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Best Employment Law Answer: Are employers required to offer employees with disabilities the option to work from home? What should I do if I have a disability that makes physically being at work impossible? Can my employer refuse to allow me to telecommute even when I can perform all my required tasks from home? What should I do if I was wrongfully fired for being disabled? How do I find the best Ohio disability discrimination attorney?

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All employees are protected under the Americans With Disabilities Act (“ADA”) and R.C. § 4112.02(A) from being discriminated against or retaliated against by their employers on the basis of their actual or perceived disability. The ADA also requires employers to accommodate disabled employees if the accommodation permits the employee to perform the essential functions of his or her job without creating undue hardship for the employer. As we have previously discussed on this blog, examples of reasonable accommodations that employers are required to offer include acquiring or modifying equipment or devices, offering part time hours or a modified schedule, making the workplace readily accessible to and usable by people with disabilities, and adjusting or modifying examinations, training materials or policies.

Let’s say that an employee has a disability that makes physically being at work extremely difficult or even impossible, and this employee can only perform all of the essential functions of his or her job while “telecommuting” at home. Would the employer be required under the ADA to accommodate this employee’s need to work at home? Previously, the answer to that question from courts around the country was no. However, a ruling handed down on April 21, 2014 from the US Court of Appeals for the Sixth Circuit (the federal appellate court covering Ohio, Kentucky, Michigan and Tennessee) opened the door for employees with disabilities to request that a work-at-home accommodation be honored by his or her employer.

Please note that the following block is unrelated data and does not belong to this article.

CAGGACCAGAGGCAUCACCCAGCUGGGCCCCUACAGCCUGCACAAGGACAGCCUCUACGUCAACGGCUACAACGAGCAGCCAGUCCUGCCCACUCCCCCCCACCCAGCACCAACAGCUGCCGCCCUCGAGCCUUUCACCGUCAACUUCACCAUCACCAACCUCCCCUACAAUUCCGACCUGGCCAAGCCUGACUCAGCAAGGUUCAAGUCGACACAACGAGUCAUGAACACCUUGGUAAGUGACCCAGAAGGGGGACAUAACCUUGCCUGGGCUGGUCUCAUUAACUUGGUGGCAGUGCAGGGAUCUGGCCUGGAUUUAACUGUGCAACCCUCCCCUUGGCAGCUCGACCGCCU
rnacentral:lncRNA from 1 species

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In EEOC v. Ford Motor Co., an employee was unable to travel to or remain physically at her job at a Ford stamping plant because of a disability, irritable bowel syndrome. The employee presented evidence that her job’s essential tasks, which centered around acting as an intermediary between steel suppliers and stamping plants, could successfully be performed from her home using a combination of email and teleconference. In fact, her employer had in place a “telecommuting policy” that allowed certain employees to work from home for up to four days a week. When the employee attempted to utilize the “telecommuting policy,” her employer denied the request under the guise that her position required “teamwork,” which was best fostered face-to-face, and not through email or teleconference. The employee filed suit under the ADA seeking that she be allowed to work from home because she can properly perform the essential tasks of her position away from the physical jobsite.